I have been taking photographs since the early 1970's, initially simply as record shots of places visited whilst hill walking although during the 1980's my interest developed into a keen interest for black and white photography. I took a break from photography for several years only rediscovering my passion for monochrome landscape photography in 2005.
In the early 1980's I purchased my first "real" camera, a Zenith 12XP. This was a manual camera and as such it was very much up to the photographer to take the photograph and not the camera. At this time I felt that I crossed a Rubicon in my photographic career in that I started to look for things to photograph rather simply photographing what I saw. About this time I also joined the camera club at my local college and learnt how to process and develop my own prints in the dark room. Up to this point the majority of the photographs I had taken where colour although the move to developing my own prints lead to working almost exclusively with black and white film.
Even though I have now switched to digital capture and monochrome ink printing the early skills I developed in the darkroom producing black and white prints are still important and relevant to the black and white photographs I produce today. Despite the move to digital my approach to taking photographs remains the same, visualising the final image and getting the exposure right in camera are still of paramount importance. My time spent in the darkroom has given me a sound understanding of tonal values and relationships, the basis of any good photographic image and a prerequisite to being able to spend more time taking photographs and not being suck behind the computer.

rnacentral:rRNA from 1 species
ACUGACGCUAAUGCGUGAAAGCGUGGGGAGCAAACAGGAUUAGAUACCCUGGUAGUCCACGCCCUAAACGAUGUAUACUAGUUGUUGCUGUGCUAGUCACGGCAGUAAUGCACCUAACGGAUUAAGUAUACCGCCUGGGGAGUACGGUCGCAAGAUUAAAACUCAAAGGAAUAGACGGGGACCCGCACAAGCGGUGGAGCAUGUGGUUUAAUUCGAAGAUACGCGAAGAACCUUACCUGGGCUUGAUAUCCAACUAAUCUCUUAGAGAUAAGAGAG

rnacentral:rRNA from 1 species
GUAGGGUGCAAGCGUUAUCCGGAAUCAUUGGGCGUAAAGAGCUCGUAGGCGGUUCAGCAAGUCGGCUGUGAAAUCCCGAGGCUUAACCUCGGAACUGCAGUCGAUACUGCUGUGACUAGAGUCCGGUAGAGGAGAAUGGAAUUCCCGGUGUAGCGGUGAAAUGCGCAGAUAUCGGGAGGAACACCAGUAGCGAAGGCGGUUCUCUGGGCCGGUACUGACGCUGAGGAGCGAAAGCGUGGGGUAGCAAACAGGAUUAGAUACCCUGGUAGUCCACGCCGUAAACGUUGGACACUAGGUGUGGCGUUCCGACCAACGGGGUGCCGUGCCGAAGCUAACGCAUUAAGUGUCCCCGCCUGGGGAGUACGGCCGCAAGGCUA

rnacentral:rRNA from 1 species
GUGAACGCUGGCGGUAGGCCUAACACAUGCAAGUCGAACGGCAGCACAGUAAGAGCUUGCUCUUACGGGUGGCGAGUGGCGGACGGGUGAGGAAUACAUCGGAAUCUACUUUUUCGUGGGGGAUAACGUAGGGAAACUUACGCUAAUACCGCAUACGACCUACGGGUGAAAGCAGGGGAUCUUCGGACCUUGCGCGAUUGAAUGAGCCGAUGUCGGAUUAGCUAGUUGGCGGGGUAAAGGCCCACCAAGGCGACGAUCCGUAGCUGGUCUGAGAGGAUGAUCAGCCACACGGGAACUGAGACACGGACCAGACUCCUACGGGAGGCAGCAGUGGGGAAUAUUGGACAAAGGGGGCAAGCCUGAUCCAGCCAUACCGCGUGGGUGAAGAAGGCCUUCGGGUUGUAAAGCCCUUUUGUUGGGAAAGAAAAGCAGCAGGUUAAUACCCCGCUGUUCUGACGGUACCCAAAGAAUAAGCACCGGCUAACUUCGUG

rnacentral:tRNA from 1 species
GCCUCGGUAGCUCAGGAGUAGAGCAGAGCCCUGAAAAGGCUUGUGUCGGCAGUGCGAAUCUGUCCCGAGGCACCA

Although since moving to digital capture and ink printing I have broadened my interests to include colour as well as black and white photography, my main interest still strongly remains with monochrome landscape photography. My more recent interests are reflected in the Portfolio
sections which show a wide range of subjects, both black and white and colour.
My hill walking has been one of the main inspirations driving my landscape photography although a keen interest in landscape history and a career that has involved significant landscape management work have also been important. I believe that my knowledge and understanding of how the landscapes of Britain have evolved over time greatly influences my photography. Rather than capturing images that reflect the traditional notions of scenic beauty I am more interested in capturing images that go beyond these traditional notions and produce images that reflect the often harsher side of nature and man's effects on the landscape. I am particularly interested in the transiency if time. Landscapes are often considered to be permanent although in fact they are always in a state of flux. It is the evidence of these changes and the progression of time that I often seek out in my images.
In 2008 I was successful in achieving my Licentiate Membership of The Royal Photographic Society and I am currently working towards my Associate membership of the Society.
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